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Editorial Results (free)

1. The Week Ahead: Sept. 18-24 -

Hello, Memphis! Autumn officially arrives this Friday, and it’s bringing along a spate of happenings this week – from the Metal Museum’s Repair Days to the Memphis Japan Festival and the Mid-South Fair. Check out our top event picks and more you need to know about in The Week Ahead…

2. Shaw Lends a Little Of His Courage to Titans -

There were more than a few missteps and miscues by the Tennessee Titans in Sunday’s season-opening loss to the Oakland Raiders.

But there was at least one thing that the Titans got absolutely right on Sunday and for the 2017 season.

3. Frayser Landfill Expansion Voted Down -

The proposed expansion of a construction landfill in Frayser was unanimously shot down by the Shelby County Land Use Board Thursday, Sept. 14, to the cheers of dozens of concerned residents and students from the nearby Memphis Business Academy who showed up to voice their opposition.

4. Ryan: Deporting Young Immigrants Not in Nation's Interest -

WASHINGTON (AP) – House Speaker Paul Ryan on Wednesday said that deporting hundreds of thousands of young immigrants brought into the country illegally is "not in our nation's interest," as he and President Donald Trump prepared to huddle with top Democrats to try to hash out a legislative fix.

5. Trump Rescinding DACA Program Protecting Young Immigrants -

WASHINGTON (AP) – President Donald Trump on Tuesday began dismantling the government program protecting hundreds of thousands of young immigrants who were brought into the country illegally as children. Attorney General Jeff Sessions declared the Obama administration's program "an unconstitutional exercise of authority" that must be revoked.

6. Tax Overhaul Faces Resistance From Fans of Some Deductions -

WASHINGTON (AP) – President Donald Trump and congressional Republicans have pledged to overhaul the nation's complex tax code. To slash taxes, they say they'll curb a web of expensive deductions and credits to allow more revenue to flow to the government.

7. Vols, Jackets Each Eager to Make Statement -

Enough of the talk. Enough of the speculation. Let’s play some football.

Tennessee starts its fifth season of the Butch Jones coaching era on Monday night against Georgia Tech at the new Mercedes-Benz Stadium in Atlanta. Kickoff is 8 p.m. (TV: ESPN).

8. Tanney Hopes Nashville is Not His Last Stop -

By the time you read this, it is possible that Alex Tanney might have already thrown his last pass as a member of the Tennessee Titans.

But Tanney, even if he doesn’t make the 53-man roster in Tennessee, says he won’t stop pursuing his dream. As the Titans closed out the preseason in Kansas City on Thursday, the dread of impending roster cuts turned into reality this weekend around the NFL.

9. Tri-State Hosts Grand Opening of Banking HQ -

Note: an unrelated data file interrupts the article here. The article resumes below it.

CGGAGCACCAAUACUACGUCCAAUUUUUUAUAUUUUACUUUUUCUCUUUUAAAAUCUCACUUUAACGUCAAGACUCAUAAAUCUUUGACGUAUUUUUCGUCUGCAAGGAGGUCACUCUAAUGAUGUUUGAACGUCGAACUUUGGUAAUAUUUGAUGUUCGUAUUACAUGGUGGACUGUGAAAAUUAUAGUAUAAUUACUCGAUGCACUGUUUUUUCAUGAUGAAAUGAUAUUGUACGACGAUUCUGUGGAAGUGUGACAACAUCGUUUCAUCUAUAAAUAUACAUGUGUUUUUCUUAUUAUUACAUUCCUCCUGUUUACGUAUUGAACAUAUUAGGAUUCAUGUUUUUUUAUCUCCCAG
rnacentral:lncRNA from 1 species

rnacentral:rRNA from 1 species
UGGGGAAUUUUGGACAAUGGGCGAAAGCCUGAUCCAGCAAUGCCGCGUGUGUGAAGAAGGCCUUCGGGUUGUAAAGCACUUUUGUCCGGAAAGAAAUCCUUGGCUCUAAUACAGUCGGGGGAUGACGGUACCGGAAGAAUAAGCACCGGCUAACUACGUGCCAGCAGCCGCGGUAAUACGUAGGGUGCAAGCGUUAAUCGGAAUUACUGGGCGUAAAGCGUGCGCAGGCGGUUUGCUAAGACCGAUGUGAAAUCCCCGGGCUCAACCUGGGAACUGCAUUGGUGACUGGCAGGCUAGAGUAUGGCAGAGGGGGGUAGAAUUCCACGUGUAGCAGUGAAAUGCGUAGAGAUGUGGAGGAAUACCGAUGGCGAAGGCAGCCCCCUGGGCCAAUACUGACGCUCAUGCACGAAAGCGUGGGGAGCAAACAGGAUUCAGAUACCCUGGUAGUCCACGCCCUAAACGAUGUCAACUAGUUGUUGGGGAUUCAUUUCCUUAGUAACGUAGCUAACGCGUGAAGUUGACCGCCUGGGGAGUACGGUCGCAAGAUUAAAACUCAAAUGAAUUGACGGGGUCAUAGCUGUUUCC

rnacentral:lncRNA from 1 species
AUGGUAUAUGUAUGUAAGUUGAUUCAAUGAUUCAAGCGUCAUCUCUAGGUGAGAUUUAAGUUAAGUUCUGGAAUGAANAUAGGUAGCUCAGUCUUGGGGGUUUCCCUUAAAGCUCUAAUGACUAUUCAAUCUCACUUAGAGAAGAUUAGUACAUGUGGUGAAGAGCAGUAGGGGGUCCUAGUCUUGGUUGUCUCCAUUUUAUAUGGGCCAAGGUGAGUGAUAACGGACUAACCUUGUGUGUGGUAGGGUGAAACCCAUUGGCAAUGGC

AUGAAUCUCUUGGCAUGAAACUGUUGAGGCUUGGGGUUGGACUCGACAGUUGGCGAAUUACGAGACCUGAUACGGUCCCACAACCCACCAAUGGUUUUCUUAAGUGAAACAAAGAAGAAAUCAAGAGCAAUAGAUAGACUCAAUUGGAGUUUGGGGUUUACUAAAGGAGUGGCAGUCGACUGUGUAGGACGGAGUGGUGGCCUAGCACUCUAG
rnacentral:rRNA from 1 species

Tri-State Bank CEO Thomas Felder estimates that the more than 70-year-old institution – which has shifted its retail bank headquarters from Downtown to Whitehaven – will have a $2.5 million economic impact on the neighborhood surrounding it.

10. Memphis Hustle to Debut Nov. 4, Have 23 Home Games -

The Grizzlies’ minor league team, the Memphis Hustle, will begin play in the NBA G League on Nov. 4 and have 23 home games.

The season starts with a weekend back-to-back, Nov. 4 and 5 to tip-off action at Landers Center in Southaven. The Hustle will make its franchise debut on Saturday, Nov. 4 at 7 p.m. against the Sioux Falls Skyforce, before returning to action the following night against the Salt Lake City Stars at 5 p.m.

11. Amid Retail and Industrial Successes, DeSoto Office Market Lags -

In the last few years, DeSoto County has become a magnet not only for retail development, but also for the industrial market.

Numerous new retail ventures have opened, and several other companies have opened industrial locations there, including FedEx Supply Services, XPO Logistics and Sephora.

12. Amid Retail and Industrial Growth, DeSoto County Office Market Lags -

In the last few years, DeSoto County has become a magnet not only for retail development, but also for the industrial market.

Numerous new retail ventures have opened, and several other companies have opened industrial locations there, including FedEx Supply Services, XPO Logistics and Sephora.

13. Monument Effort Reflects Differing Strategies -

The call to remove Confederate monuments in Memphis city parks is increasingly meeting with local officials pointing toward Nashville and state officials. And local activists are pointing to a clock.

14. One Gimpy WR No Longer a Big Problem -

Tennessee Titans rookie receiver Corey Davis limped off the practice field last Thursday with a hamstring injury.

15. Developers Baking $73 Million Deal at Wonder Bread Plant -

A development group wants to breathe new life into the former Wonder Bread plant that used to fill the Memphis Medical District with the smell of fresh bread before it closed in 2013.

A group of investors spearheaded by Chisca Hotel Developers – Development Services Group – has submitted a $73 million plan to create 286 upscale multifamily units, a 480-space parking garage and 150,000 square feet of office and retail space.